If you hurry you can still catch an exhibit well worth your time. Until August 5th Jersey City’s Mana Contemporary will be showing the work of Usher Fellig, better known as Weegee, depicting the Bowery when it was deep in its “Skid Row” phase.
Usher Fellig, born in what is now Ukraine in 1899, was an ‘infamous’ New York City press photographer. Usher was changed to Arthur upon his arrival to US shores, but he became Weegee somewhere along the way because of his uncanny ability to arrive at crime scenes within minutes of their occurrence. (Weegee is a misspelling of Ouija, as in the board that connects this world to the “other world.”)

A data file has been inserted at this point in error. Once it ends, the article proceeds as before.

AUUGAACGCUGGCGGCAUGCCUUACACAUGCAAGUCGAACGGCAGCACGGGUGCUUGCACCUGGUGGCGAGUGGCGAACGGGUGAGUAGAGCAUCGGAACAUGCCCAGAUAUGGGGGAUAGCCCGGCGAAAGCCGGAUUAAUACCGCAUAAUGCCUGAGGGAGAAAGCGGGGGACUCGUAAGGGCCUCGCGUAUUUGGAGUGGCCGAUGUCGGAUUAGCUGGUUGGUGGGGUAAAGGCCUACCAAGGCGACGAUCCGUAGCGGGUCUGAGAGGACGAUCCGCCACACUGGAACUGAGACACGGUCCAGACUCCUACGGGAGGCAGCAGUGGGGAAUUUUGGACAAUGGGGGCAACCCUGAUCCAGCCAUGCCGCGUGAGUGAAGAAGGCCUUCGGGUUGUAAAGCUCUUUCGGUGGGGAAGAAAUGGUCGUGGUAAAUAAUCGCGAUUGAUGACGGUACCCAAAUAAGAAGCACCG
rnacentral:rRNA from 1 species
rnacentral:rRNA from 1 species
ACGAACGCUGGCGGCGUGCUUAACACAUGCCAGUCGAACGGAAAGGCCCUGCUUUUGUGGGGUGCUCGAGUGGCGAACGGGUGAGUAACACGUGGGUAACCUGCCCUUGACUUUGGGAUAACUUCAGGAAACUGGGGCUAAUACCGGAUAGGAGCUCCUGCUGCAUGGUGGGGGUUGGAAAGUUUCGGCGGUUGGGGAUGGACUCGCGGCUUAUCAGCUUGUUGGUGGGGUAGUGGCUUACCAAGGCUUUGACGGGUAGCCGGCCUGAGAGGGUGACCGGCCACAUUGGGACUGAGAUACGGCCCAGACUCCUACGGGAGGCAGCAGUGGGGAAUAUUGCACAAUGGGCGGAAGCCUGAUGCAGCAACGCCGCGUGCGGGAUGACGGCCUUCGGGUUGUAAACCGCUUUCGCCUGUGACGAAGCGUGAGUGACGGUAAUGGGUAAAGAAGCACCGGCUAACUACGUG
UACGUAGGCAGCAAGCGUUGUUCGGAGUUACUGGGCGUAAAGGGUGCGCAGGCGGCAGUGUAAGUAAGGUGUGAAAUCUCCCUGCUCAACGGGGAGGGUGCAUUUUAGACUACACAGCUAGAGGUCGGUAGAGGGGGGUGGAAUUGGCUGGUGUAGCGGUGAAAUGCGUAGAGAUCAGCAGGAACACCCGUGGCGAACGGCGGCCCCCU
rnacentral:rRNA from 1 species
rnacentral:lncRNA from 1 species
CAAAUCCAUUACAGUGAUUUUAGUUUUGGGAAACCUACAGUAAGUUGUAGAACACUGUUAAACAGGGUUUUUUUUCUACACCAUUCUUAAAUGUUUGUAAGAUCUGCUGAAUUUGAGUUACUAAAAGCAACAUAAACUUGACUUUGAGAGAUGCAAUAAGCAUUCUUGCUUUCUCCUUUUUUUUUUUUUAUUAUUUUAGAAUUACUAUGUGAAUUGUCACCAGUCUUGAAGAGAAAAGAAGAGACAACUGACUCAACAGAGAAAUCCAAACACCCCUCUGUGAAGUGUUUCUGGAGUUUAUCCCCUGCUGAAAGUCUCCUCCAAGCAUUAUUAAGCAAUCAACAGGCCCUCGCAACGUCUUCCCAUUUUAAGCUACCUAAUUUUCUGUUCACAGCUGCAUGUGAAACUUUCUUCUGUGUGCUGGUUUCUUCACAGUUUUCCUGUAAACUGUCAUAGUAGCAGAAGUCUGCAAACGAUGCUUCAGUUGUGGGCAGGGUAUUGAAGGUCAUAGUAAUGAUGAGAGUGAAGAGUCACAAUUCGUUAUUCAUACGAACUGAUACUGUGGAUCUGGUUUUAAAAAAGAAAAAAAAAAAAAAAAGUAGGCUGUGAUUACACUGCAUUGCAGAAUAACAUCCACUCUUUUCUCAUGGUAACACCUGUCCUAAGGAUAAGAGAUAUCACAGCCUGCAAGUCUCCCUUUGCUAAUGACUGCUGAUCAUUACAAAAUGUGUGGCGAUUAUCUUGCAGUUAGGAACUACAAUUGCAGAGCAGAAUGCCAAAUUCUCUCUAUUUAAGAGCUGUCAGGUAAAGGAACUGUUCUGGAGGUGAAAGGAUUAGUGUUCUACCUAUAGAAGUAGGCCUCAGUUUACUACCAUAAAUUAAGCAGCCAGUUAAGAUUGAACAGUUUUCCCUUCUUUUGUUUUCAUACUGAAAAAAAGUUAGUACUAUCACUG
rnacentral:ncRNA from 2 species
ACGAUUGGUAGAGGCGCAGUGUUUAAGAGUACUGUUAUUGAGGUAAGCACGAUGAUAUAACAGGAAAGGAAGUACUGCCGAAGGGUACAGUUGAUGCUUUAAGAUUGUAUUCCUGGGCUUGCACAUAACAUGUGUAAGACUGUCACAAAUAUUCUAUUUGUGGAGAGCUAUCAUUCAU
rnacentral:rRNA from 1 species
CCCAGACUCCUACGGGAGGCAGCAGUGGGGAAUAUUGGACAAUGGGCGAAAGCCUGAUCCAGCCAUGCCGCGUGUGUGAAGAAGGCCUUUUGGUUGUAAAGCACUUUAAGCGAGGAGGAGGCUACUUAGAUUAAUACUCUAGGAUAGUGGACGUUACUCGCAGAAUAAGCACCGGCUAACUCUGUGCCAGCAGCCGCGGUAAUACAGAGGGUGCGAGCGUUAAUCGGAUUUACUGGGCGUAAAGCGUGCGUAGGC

His black and white renderings of urban life are shocking statements about the harsh realities of life in New York during the 30s and 40s of the 20th century.
The exhibit, Weegee’s New York, focus on the down and out population that gathered in the Bowery, living in the shadow of the Third Avenue El, on the street, in flea-bag hotels, and flop houses which could be had for only 25 cents/night.
The International Center for Photography in New York City was given Weegee’s estate in 1997. In 2015 ICP opened a branch at Mana in Jersey City in 2015 as an expansion of it Manhattan campus. The exhibit, which closes on August 5th, was organized by ICP in honor of the opening of a new branch in the Bowery.
ICP at Mana is open only by advanced appointment. To make an appointment contact: firstname.lastname@example.org.
Hours Monday-Friday 10 a.m.-5 p.m. and Saturdays, noon-6 p.m. Admission is free.